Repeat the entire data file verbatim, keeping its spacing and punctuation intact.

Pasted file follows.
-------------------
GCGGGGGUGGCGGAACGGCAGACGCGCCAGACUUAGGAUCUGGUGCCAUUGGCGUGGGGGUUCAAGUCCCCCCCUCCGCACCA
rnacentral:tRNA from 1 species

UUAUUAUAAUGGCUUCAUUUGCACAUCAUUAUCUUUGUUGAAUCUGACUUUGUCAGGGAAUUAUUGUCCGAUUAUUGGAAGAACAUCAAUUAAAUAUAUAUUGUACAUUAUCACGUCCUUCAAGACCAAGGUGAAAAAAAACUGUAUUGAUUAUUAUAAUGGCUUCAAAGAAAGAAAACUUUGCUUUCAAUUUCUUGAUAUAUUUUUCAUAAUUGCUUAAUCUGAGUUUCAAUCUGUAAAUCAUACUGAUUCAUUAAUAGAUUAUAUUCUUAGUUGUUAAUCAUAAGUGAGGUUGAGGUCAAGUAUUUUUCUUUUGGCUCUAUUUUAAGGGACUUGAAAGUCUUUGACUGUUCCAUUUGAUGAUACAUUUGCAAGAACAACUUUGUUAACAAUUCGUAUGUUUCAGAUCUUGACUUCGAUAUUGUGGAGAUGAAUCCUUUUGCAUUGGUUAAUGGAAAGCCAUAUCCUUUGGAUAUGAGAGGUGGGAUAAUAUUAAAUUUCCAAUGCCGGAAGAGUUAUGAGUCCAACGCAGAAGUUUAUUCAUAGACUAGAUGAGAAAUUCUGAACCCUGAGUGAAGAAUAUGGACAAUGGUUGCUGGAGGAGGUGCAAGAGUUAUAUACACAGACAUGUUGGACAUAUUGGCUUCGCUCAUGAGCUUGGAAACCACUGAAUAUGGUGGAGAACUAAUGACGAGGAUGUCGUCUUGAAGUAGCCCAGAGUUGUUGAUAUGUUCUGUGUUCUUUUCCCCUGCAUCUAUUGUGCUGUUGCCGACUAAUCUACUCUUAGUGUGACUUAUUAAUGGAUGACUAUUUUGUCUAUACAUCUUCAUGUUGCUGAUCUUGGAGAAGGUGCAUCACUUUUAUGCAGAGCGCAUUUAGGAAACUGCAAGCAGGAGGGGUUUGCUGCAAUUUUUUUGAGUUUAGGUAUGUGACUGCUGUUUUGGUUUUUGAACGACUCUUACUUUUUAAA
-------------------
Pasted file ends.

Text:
GCGGGGGUGGCGGAACGGCAGACGCGCCAGACUUAGGAUCUGGUGCCAUUGGCGUGGGGGUUCAAGUCCCCCCCUCCGCACCA
rnacentral:tRNA from 1 species

UUAUUAUAAUGGCUUCAUUUGCACAUCAUUAUCUUUGUUGAAUCUGACUUUGUCAGGGAAUUAUUGUCCGAUUAUUGGAAGAACAUCAAUUAAAUAUAUAUUGUACAUUAUCACGUCCUUCAAGACCAAGGUGAAAAAAAACUGUAUUGAUUAUUAUAAUGGCUUCAAAGAAAGAAAACUUUGCUUUCAAUUUCUUGAUAUAUUUUUCAUAAUUGCUUAAUCUGAGUUUCAAUCUGUAAAUCAUACUGAUUCAUUAAUAGAUUAUAUUCUUAGUUGUUAAUCAUAAGUGAGGUUGAGGUCAAGUAUUUUUCUUUUGGCUCUAUUUUAAGGGACUUGAAAGUCUUUGACUGUUCCAUUUGAUGAUACAUUUGCAAGAACAACUUUGUUAACAAUUCGUAUGUUUCAGAUCUUGACUUCGAUAUUGUGGAGAUGAAUCCUUUUGCAUUGGUUAAUGGAAAGCCAUAUCCUUUGGAUAUGAGAGGUGGGAUAAUAUUAAAUUUCCAAUGCCGGAAGAGUUAUGAGUCCAACGCAGAAGUUUAUUCAUAGACUAGAUGAGAAAUUCUGAACCCUGAGUGAAGAAUAUGGACAAUGGUUGCUGGAGGAGGUGCAAGAGUUAUAUACACAGACAUGUUGGACAUAUUGGCUUCGCUCAUGAGCUUGGAAACCACUGAAUAUGGUGGAGAACUAAUGACGAGGAUGUCGUCUUGAAGUAGCCCAGAGUUGUUGAUAUGUUCUGUGUUCUUUUCCCCUGCAUCUAUUGUGCUGUUGCCGACUAAUCUACUCUUAGUGUGACUUAUUAAUGGAUGACUAUUUUGUCUAUACAUCUUCAUGUUGCUGAUCUUGGAGAAGGUGCAUCACUUUUAUGCAGAGCGCAUUUAGGAAACUGCAAGCAGGAGGGGUUUGCUGCAAUUUUUUUGAGUUUAGGUAUGUGACUGCUGUUUUGGUUUUUGAACGACUCUUACUUUUUAAA